Why new MLB rules could mean A's won't bring back Ryan Buchter in 2020


Why new MLB rules could mean A's won't bring back Ryan Buchter in 2020

Editor's note: Over the next two weeks, we will examine 10 A's players who may or may not return to Oakland next season. For each player, we will provide reasons why the A's should bring him back and reasons why they should not, followed by a final determination.

Ryan Buchter, LHP

Contract: Second year of arbitration (projected to get $1.8 million after earning $1.4 million this season)

Reasons to bring him back

Buchter did exactly what the A's brought him in to do -- retire left-handed hitters. The 32-year-old southpaw limited lefties to a .238 batting average, with 33 strikeouts and seven walks.

Buchter's overall numbers were respectable as well. He went 1-1 with a 2.98 ERA and 1.43 WHIP in 45 1/3 innings. That follows a 6-0 record in 2018 with a 2.75 ERA and 1.20 WHIP.

Reasons to let him go

With MLB changing its rules next season to require a pitcher to face a minimum of three batters, Buchter will lose a lot of value. The so-called LOOGY (left-handed one-out guy) role will disappear and lefty specialists will have to face some right-handers as well.

Right-handed hitter batted .274 off Buchter with 17 strikeouts, compared to 16 walks. While his overall ERA was under 3.00, Buchter allowed 15 of his 36 inherited runners to score, a rate of 41.7 percent. That's nearly 10 points higher than the league average of 32 percent.

Final verdict

Buchter had some good stretches over the past two seasons, but with rule changes and his high walk and hit rate, it's probably time for the A's to move on without him.

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Right-handed hitters notched a .904 OPS against Buchter this season in 83 plate appearances. That will be an even bigger problem next year. Oakland can find better relievers for that $1.8 million price tag.

While $1.8 million is an affordable number, Oakland seems unlikely to bring Buchter back in 2020.

Why Rickey Henderson should be seen as one of Michael Jordans of MLB

Why Rickey Henderson should be seen as one of Michael Jordans of MLB

There will never be another Michael Jordan. But there could be those who hold a prominent role in the sport they play. The “Michael Jordan” of baseball, for instance. 

Bleacher Report composed a list of MLB’s G.O.A.T.s, and yes -- Los Angeles Angels superstar Mike Trout was mentioned. You can’t create a greatest of all time without mentioning him, but the A’s have an MJ of their own in Rickey Henderson.

Not only did the BR writeup mention the numbers that put the Man of Steal on the map (1,406 stolen bases, 2,295 runs, both MLB records), but it’s a great reminder of his “greatest of all-time speech.”

That iconic moment wasn’t initially supposed to happen in the way it played out. When he took the microphone after breaking St. Louis Cardinals star Lou Brock’s base-stealing record, Henderson went off-script

The original hand-written speech that was folded up on a piece of paper, and in Rickey's uniform didn’t happen, and it certainly didn’t possess the words saying he was the greatest -- even though the Hall of Famer was. He was caught up in the moment and said the epic words which solidified such a strong career.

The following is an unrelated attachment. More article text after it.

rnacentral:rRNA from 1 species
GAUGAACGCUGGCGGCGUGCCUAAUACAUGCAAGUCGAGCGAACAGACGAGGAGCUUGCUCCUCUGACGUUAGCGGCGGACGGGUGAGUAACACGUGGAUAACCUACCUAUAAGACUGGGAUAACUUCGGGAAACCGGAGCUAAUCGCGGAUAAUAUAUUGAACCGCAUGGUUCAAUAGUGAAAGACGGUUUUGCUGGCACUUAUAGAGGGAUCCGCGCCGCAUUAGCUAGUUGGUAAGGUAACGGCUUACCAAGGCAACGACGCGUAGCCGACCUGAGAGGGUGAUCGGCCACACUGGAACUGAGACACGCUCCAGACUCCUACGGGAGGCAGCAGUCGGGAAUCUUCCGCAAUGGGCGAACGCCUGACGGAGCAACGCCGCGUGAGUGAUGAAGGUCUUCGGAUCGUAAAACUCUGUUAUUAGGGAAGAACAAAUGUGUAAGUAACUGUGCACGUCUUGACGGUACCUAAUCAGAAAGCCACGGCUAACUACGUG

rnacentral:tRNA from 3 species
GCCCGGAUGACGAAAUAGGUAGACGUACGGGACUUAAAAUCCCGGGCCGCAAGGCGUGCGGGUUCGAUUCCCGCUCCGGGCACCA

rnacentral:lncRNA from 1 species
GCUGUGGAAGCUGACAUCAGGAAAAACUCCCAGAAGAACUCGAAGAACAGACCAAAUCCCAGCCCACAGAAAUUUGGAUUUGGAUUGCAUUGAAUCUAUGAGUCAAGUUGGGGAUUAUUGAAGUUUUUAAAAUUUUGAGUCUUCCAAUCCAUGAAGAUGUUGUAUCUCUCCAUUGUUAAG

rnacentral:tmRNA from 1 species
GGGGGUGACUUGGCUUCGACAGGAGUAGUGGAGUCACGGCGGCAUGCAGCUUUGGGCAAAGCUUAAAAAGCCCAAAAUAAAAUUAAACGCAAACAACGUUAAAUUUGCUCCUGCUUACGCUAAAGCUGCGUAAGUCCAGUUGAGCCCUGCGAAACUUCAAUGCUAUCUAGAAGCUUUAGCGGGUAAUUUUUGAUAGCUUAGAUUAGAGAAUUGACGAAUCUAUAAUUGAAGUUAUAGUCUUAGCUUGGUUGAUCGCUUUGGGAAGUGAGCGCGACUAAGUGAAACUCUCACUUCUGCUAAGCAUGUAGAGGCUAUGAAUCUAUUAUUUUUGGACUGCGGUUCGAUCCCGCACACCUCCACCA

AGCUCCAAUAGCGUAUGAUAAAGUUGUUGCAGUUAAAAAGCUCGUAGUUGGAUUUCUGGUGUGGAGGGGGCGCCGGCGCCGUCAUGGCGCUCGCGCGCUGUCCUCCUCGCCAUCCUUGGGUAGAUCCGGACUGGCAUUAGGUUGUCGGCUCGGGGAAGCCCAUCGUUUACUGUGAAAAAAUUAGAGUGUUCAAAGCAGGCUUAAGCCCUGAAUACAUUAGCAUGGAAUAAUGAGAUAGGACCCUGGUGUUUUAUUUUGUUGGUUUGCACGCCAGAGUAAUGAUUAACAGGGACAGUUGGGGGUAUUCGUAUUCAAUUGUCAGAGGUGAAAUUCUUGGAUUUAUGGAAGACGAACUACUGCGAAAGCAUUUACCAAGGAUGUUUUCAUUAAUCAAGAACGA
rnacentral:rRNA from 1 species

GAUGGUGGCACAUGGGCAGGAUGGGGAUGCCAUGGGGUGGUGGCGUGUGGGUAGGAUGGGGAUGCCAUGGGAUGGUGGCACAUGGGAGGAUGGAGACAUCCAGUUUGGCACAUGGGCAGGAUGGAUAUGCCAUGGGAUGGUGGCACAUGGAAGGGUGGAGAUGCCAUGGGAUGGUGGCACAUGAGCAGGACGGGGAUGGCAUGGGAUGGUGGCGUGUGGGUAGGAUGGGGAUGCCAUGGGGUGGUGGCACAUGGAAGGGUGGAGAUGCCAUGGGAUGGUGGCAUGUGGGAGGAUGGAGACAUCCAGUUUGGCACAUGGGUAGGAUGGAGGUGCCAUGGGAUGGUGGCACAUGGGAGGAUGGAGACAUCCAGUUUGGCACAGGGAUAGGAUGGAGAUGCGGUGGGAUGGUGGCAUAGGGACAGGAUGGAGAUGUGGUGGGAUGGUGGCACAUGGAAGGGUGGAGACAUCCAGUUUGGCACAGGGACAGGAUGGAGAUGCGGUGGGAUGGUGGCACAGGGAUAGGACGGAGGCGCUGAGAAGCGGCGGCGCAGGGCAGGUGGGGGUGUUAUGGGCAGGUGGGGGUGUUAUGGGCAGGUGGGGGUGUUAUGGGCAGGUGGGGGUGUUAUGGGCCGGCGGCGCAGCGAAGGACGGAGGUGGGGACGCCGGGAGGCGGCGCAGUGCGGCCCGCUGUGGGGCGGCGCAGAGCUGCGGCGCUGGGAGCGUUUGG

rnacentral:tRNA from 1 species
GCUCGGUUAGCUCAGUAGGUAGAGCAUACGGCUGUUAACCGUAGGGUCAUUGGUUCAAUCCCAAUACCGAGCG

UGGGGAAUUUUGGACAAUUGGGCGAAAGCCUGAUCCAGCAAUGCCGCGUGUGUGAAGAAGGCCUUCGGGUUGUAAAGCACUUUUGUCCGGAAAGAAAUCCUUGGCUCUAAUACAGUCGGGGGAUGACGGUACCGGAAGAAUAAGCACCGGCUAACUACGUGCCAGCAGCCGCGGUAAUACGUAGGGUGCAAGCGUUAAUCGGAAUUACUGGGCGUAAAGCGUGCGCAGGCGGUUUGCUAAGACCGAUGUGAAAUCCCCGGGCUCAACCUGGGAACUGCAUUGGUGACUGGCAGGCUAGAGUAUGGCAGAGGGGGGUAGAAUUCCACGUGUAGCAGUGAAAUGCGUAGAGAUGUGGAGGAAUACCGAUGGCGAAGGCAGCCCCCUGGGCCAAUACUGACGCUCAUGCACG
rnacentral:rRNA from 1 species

[RELATED: Veteran pitcher Bartolo Colon still wants to play]

Henderson simply forgot about the original words.

Henderson also had a certain swag and attitude about him -- remind you of anyone else?

Daniel Mengden on track to pitch for A's when 2020 MLB season starts

Daniel Mengden on track to pitch for A's when 2020 MLB season starts

A’s starter Daniel Mengden would have missed all the regularly scheduled MLB games in April and May, anyway.

“I had three surgeries this offseason, it was fun,” Mengden sarcastically told NBC Sports California via FaceTime on Wednesday.

Two procedures were necessary to address a digestive issue, and the third was arthroscopic surgery on his throwing elbow in February.

The good news: Mengden should be on track to return, if MLB can.

“I’m about 95 percent,” Mengden said. “Throwing all pitches in bullpen sessions right now. For me, I’ve been on the high side, because I’m trying to get my arm back and feeling good.”

His offseason began in October with an undiagnosed intestinal issue which saw him quickly lose about 25 pounds.

“My doctor here thinks it was some sort of tapeworm that was eating away at me,” Mengden said.  “I don’t know if you saw me [in Arizona], or if I looked a little smaller. Right about spring training I was on the climb back up.”

[RELATED: How Grossman envisions walk-offs]

The mustached righty is eager for baseball to resume games, but also recognizes the realistic hygiene challenges baseball can’t avoid, specifically for a pitcher via saliva and sweat.

“It comes so natural to some of us,” Mengden said. “I’m touching the ball with my hands. I’m wiping my forehead off. As a pitcher, we’re putting ourselves all over this baseball in a sense.“

MLB and the players association are currently hoping to secure a plan where a second “spring training” can begin in June, with games scheduled around July 4.